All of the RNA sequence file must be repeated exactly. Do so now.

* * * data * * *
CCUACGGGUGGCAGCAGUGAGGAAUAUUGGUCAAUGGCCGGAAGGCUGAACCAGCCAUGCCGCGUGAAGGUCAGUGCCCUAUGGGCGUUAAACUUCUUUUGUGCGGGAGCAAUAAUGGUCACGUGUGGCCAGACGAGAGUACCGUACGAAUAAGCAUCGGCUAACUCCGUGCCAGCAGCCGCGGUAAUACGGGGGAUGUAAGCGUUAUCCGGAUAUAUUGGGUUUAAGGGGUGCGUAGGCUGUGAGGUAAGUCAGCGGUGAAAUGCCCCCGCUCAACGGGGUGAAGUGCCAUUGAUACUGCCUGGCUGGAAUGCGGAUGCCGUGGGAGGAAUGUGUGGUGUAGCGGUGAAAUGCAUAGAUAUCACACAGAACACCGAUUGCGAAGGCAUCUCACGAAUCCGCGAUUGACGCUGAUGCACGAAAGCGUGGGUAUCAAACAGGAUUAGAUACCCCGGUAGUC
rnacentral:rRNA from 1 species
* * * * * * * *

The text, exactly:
CCUACGGGUGGCAGCAGUGAGGAAUAUUGGUCAAUGGCCGGAAGGCUGAACCAGCCAUGCCGCGUGAAGGUCAGUGCCCUAUGGGCGUUAAACUUCUUUUGUGCGGGAGCAAUAAUGGUCACGUGUGGCCAGACGAGAGUACCGUACGAAUAAGCAUCGGCUAACUCCGUGCCAGCAGCCGCGGUAAUACGGGGGAUGUAAGCGUUAUCCGGAUAUAUUGGGUUUAAGGGGUGCGUAGGCUGUGAGGUAAGUCAGCGGUGAAAUGCCCCCGCUCAACGGGGUGAAGUGCCAUUGAUACUGCCUGGCUGGAAUGCGGAUGCCGUGGGAGGAAUGUGUGGUGUAGCGGUGAAAUGCAUAGAUAUCACACAGAACACCGAUUGCGAAGGCAUCUCACGAAUCCGCGAUUGACGCUGAUGCACGAAAGCGUGGGUAUCAAACAGGAUUAGAUACCCCGGUAGUC
rnacentral:rRNA from 1 species